Most presentations of conjunctivitis are acute. Studies show that uncomplicated cases resolve within 14 days without medication. However, antibiotic prescription remains standard practice. With antimicrobial resistance becoming a public health concern, we undertook this study to assess antibiotic prescription patterns in managing acute conjunctivitis in an eye hospital in Ghana. We recorded 3708 conjunctivitis cases; 201 were entered as acute conjunctivitis in the electronic medical records (January to December 2021). Of these, 44% were males, 56% were females, 39% were under 5 years, 21% were children and adolescents (5–17 years) and 40% were adults (≥18 years). A total of 111 (55.2%) patients received antibiotics, of which 71.2% were appropriately prescribed. The use of antibiotics was more frequent in children under 17 years compared to adults (p < 0.0001). Of the prescribed antibiotics, 44% belonged to the AWaRe “Access” category (Gentamycin, Tetracycline ointment), while 56% received antibiotics in the “Watch” category (Ciprofloxacin, Tobramycin). Although most of the antibiotic prescribing were appropriate, the preponderance of use of the Watch category warrants stewardship to encompass topical antibiotics. The rational use of topical antibiotics in managing acute conjunctivitis will help prevent antimicrobial resistance, ensure effective health care delivery, and contain costs for patients and the health system.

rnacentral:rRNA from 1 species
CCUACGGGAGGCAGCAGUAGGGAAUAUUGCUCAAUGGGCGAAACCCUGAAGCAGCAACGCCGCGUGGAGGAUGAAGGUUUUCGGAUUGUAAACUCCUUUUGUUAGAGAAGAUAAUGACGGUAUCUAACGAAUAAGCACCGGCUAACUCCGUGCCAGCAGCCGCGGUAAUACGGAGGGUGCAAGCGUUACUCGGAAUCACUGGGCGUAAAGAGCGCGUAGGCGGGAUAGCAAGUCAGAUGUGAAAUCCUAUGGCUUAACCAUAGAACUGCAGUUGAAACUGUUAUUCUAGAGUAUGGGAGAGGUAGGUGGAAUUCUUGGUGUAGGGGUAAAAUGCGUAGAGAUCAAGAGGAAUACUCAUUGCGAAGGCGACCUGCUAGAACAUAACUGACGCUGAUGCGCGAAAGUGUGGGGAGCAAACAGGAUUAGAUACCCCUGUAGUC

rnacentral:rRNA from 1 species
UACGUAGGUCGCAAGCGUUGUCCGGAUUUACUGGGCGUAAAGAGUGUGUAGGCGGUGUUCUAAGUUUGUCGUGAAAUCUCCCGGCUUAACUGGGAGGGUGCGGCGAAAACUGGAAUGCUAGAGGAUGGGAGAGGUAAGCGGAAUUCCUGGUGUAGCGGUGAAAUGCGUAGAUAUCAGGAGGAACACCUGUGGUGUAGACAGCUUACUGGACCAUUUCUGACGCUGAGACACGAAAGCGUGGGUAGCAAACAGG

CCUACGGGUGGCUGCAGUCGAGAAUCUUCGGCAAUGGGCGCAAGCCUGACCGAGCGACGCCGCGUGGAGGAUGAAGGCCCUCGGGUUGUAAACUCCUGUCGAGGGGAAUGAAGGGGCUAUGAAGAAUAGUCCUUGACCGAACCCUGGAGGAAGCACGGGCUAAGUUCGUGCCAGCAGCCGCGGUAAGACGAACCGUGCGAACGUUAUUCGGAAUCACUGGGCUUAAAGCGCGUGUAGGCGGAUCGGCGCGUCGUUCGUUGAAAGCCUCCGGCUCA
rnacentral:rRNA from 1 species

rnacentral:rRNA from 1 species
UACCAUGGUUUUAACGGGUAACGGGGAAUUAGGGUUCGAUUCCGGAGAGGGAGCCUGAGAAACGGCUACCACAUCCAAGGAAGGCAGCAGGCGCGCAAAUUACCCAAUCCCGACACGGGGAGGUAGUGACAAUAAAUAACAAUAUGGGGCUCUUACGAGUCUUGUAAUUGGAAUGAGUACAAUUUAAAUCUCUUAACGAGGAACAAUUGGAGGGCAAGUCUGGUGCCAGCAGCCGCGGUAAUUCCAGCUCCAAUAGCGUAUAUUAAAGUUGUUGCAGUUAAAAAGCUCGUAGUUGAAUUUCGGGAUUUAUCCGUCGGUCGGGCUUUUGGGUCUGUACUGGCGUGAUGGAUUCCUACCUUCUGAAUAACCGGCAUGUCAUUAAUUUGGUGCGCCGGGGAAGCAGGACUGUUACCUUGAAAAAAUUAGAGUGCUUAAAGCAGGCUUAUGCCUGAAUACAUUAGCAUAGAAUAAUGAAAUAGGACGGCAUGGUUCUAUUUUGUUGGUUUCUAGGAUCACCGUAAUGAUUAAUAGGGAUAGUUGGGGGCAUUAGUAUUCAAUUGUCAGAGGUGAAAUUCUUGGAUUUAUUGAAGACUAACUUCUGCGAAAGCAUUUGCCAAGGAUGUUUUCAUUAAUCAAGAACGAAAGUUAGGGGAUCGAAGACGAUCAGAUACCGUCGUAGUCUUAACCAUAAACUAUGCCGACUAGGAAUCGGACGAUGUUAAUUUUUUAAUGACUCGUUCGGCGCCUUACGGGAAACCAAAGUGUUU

|Journal||International Journal of Environmental Research and Public Health|
|Publication status||Published - Sep 2022|